Newsgroups: comp.unix.sco.misc From: email@example.com (Stephen M. Dunn) Subject: Re: 1023 Cylinder Limit Date: Mon, 14 Feb 2000 03:58:49 GMT Message-ID: <FpwJ21.20C@bokonon.ussinc.com> References: <firstname.lastname@example.org> In article <email@example.com> "Steve Morris" <Stephen.Morris@btinternet.com> writes: $Go to restart and I get the terse error message "CYL OVF". $ $This apparently relates to an old limitation that I was aware of years ago $with regard to the root filesystem having to reside with the first 1023 $cylinders of your hard disk. Since then, it's changed; SCO Unix now uses a separate boot filesystem, so that you don't have to fit the whole root filesystem under the 1024-cylinder limit. But the general idea is the same: you have to fit _something_ within those first 1024 cylinders.
$However, I had thought that by the release of 5.0.5 that this would've been $a thing of the past. Don't blame SCO; they had nothing to do with the design of the BIOS on your system. The problem here is that the standard BIOS calls use a 10-bit quantity to represent the cylinder number, and that means cylinder numbers can only be from 0 to 1023, inclusive. Once you've loaded the Unix kernel and it's running, it uses its own disk drivers, which are not limited to what the BIOS sees, but until that point, you have to use the BIOS calls, which means you're limited to the first 1024 cylinders of the drive. $1. Is there any way around this problem? Your boot filesystem defaults to 20 MB. This, plus a little bit of stuff that comes before it (divvy table, boot loader, etc.), need to reside in the first 1024 cylinders, so you'll need slightly more than 20 MB free there. The rest can follow from cylinders 1024 onwards without problems. $2. How can I determine how many cylinders my SCSI HD has? (Looking at $manufacturers web sites doesn't have this info).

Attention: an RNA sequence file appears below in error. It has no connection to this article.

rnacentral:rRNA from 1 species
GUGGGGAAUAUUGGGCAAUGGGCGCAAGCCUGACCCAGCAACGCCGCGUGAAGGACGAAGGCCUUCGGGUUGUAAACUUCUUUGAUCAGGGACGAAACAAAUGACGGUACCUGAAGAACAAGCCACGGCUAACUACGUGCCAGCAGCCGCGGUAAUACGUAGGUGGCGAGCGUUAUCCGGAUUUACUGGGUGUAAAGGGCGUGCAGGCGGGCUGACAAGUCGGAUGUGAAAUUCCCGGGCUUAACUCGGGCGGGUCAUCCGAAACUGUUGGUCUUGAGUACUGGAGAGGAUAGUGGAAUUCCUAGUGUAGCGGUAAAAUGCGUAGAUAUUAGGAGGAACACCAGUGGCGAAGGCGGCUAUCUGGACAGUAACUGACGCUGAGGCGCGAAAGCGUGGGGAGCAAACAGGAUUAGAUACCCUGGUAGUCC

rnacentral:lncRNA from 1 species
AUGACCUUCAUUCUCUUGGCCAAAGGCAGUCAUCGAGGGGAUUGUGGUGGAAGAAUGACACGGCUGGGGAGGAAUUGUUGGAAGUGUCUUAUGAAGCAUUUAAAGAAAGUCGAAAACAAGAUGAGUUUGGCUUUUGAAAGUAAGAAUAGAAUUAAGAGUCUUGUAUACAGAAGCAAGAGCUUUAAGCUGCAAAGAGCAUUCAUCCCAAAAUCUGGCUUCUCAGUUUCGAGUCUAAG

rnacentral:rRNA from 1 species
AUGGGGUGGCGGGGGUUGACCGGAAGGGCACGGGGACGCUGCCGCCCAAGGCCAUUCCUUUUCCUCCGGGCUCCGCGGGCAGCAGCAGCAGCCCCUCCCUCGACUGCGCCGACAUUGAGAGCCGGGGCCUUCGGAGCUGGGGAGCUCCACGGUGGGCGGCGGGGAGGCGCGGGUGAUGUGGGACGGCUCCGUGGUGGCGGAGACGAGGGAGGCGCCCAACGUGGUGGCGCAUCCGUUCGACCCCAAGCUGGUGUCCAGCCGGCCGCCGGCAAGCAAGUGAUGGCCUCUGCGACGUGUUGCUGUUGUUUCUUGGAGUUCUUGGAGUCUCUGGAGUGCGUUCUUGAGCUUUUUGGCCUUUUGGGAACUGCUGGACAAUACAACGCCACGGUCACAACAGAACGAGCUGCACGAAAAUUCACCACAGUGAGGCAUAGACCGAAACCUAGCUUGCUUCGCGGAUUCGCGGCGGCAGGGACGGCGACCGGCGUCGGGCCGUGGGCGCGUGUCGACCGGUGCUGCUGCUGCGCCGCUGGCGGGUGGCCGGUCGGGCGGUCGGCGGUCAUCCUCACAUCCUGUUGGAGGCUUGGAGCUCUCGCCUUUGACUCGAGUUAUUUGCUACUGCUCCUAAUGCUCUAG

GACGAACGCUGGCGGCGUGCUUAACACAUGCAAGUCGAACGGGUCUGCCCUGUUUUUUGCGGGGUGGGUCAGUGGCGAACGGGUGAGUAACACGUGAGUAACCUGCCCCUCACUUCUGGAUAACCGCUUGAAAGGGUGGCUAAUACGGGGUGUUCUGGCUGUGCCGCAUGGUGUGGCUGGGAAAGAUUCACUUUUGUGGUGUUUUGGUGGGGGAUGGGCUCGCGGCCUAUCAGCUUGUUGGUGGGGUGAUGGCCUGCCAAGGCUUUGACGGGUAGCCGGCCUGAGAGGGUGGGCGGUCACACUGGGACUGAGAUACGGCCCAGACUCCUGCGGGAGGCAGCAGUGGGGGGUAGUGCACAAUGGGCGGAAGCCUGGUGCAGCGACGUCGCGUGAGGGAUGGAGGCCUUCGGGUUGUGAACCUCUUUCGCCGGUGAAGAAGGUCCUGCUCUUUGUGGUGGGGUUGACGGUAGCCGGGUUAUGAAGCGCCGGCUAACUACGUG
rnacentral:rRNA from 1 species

It's not actually how many physical cylinders the hard drive has, but rather how many logical cylinders the host adapter says it has, which will be a different number. Between the hard drive and the host adapter, there are no cylinders, heads, or sectors; there is simply a series of numbered blocks. However, to make this look more like a hard drive, the host adapter maps it into cylinders, heads, and sectors; that way, standard BIOS calls will work. Exactly how this mapping is done varies from one host adapter to another, and there may be host adapter settings that influence it, too. During installation of Unix, it may print a line on the console listing the geometry that the host adapter is presenting. My system has an ATA hard drive, so the line won't look exactly the same, but here are the lines printed for my two hard drives: %disk 0x01F0-0x01F7 14 - type=W0 unit=0 cyls=1025 hds=255 secs=63 %disk 0x0170-0x0177 15 - type=W1 unit=1 cyls=944 hds=14 secs=40 Yours will look close enough that you can recognize them. Failing that, check the documentation for your host adapter. -- Stephen M. Dunn (SD313), CNE, ACE firstname.lastname@example.org ---------------------------------------------------------------------------- Senior Manager United System Solutions Inc. 104 Carnforth Road, Toronto, ON, Canada M4A 2K7 (416) 750-7946 x251
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